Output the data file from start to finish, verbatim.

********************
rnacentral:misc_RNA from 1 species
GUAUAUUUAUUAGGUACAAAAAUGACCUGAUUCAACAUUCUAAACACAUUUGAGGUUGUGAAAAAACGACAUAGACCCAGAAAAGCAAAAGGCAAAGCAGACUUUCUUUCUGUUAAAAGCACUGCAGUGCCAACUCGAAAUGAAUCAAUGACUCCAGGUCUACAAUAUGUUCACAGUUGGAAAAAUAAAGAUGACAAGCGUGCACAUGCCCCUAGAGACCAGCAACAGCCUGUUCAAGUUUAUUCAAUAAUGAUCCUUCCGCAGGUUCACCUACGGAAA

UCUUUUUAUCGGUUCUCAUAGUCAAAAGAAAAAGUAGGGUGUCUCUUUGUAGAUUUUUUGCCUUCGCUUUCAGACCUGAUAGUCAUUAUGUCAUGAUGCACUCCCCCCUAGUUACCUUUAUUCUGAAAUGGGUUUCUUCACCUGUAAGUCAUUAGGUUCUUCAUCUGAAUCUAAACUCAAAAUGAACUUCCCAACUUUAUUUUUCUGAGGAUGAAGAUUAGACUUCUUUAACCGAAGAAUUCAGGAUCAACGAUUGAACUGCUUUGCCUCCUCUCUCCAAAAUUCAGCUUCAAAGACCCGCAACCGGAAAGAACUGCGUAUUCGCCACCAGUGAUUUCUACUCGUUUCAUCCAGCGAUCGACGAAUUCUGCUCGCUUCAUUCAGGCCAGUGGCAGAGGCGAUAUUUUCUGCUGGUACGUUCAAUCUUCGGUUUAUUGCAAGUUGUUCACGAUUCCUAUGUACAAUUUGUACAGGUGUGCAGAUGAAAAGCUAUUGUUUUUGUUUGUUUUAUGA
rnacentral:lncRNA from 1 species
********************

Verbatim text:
rnacentral:misc_RNA from 1 species
GUAUAUUUAUUAGGUACAAAAAUGACCUGAUUCAACAUUCUAAACACAUUUGAGGUUGUGAAAAAACGACAUAGACCCAGAAAAGCAAAAGGCAAAGCAGACUUUCUUUCUGUUAAAAGCACUGCAGUGCCAACUCGAAAUGAAUCAAUGACUCCAGGUCUACAAUAUGUUCACAGUUGGAAAAAUAAAGAUGACAAGCGUGCACAUGCCCCUAGAGACCAGCAACAGCCUGUUCAAGUUUAUUCAAUAAUGAUCCUUCCGCAGGUUCACCUACGGAAA

UCUUUUUAUCGGUUCUCAUAGUCAAAAGAAAAAGUAGGGUGUCUCUUUGUAGAUUUUUUGCCUUCGCUUUCAGACCUGAUAGUCAUUAUGUCAUGAUGCACUCCCCCCUAGUUACCUUUAUUCUGAAAUGGGUUUCUUCACCUGUAAGUCAUUAGGUUCUUCAUCUGAAUCUAAACUCAAAAUGAACUUCCCAACUUUAUUUUUCUGAGGAUGAAGAUUAGACUUCUUUAACCGAAGAAUUCAGGAUCAACGAUUGAACUGCUUUGCCUCCUCUCUCCAAAAUUCAGCUUCAAAGACCCGCAACCGGAAAGAACUGCGUAUUCGCCACCAGUGAUUUCUACUCGUUUCAUCCAGCGAUCGACGAAUUCUGCUCGCUUCAUUCAGGCCAGUGGCAGAGGCGAUAUUUUCUGCUGGUACGUUCAAUCUUCGGUUUAUUGCAAGUUGUUCACGAUUCCUAUGUACAAUUUGUACAGGUGUGCAGAUGAAAAGCUAUUGUUUUUGUUUGUUUUAUGA
rnacentral:lncRNA from 1 species